Explosion of gas released from cargo of unprocessed incinerator bottom ash on Nortrader, 13 January 2017
At 1447 on 13 January 2017, the dry cargo vessel Nortrader suffered two explosions in quick succession. The vessel was anchored in Plymouth Sound and had loaded unprocessed incinerator bottom ash (U-IBA) the day before at Plymouth. The first explosion was in the forecastle store and the second in the cargo hold. The force of the explosion in the cargo hold dislodged all the heavy steel hatch covers and all but one of the holding down cleats were broken. Many of the hatch covers and sections of the hold coaming were distorted. The chief engineer was in the forecastle store at the time, testing the emergency fire pump. He suffered second degree burns and had to be airlifted to a nearby hospital. His recovery was prolonged and he was only declared ft for work again 4 months later. The vessel was out of service until 20 April.
The MAIB investigation established the following:
- Nortrader’s master had received an email from the vessel’s charterer that the intended cargo of U-IBA was a ‘non dangerous’ cargo.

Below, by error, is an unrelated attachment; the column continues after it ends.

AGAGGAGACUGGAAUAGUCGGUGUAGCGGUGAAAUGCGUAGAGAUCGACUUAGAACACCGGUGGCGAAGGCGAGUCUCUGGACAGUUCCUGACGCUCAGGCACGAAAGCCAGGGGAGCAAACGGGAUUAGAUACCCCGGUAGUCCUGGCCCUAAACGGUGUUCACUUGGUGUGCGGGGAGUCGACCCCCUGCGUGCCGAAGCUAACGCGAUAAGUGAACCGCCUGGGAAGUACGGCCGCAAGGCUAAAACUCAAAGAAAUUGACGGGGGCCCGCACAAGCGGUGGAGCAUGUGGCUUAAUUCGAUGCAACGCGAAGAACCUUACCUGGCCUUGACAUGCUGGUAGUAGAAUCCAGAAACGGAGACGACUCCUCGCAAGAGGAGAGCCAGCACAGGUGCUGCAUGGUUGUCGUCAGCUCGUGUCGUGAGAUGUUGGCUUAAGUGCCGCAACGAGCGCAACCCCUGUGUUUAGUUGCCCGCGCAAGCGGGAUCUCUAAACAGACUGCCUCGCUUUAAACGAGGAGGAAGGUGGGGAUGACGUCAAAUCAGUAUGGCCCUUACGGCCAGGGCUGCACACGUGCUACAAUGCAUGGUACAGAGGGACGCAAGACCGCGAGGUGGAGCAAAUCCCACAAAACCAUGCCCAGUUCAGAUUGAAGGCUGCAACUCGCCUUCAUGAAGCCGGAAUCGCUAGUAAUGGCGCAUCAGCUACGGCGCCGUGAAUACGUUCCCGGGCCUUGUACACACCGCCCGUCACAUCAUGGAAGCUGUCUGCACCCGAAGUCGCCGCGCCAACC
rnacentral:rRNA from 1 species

- Hydrogen gas released from the cargo seeped into the forecastle store through a slack cargo light access cover. The hold was unventillated at the time.
- All the natural ventilation outlets in the forward compartment, including the forecastle store, were closed in preparation for imminent heavy weather. This allowed hydrogen to accumulate in the forecastle store.
- The starter panel for the emergency fire pump had a broken fixing lug at its door and was therefore not sealed.
- The first explosion was likely to have been triggered by the arcing between the contact terminals of the emergency fire pump starter panel when it was switched off.
- There had been 34 similar shipments of U-IBA from Plymouth to the Netherlands. Despite U-IBA not being listed in the International Maritime Solid Bulk Cargoes (IMSBC) Code, no steps had been taken to seek approval from the competent authorities for its carriage by sea.
- The only approved means of ensuring safe carriage of solid bulk cargoes is through the application of the IMSBC Code. The schedules included in Appendix 1 of the Code clearly classify cargoes and identify the necessary requirements for safe carriage. Where no schedule is listed for a specific cargo, the required classification procedure is stated at Section 4 of the Code, with further guidance provided by MSC Circ.1453, Marine Guidance Note (MGN) 512 and the guidance document Carrying solid bulk cargoes safely published by Lloyd's Register, UK P&I Club and INTERCARGO.
- The application of the IMSBC Code has been mandatory since 2011. It replaced the Code of Safe Practice for Solid Bulk Cargoes (BC Code), which was for guidance only. • The IMSBC Code requires the shipper to provide the vessel’s master with a comprehensive list of information about the intended cargo.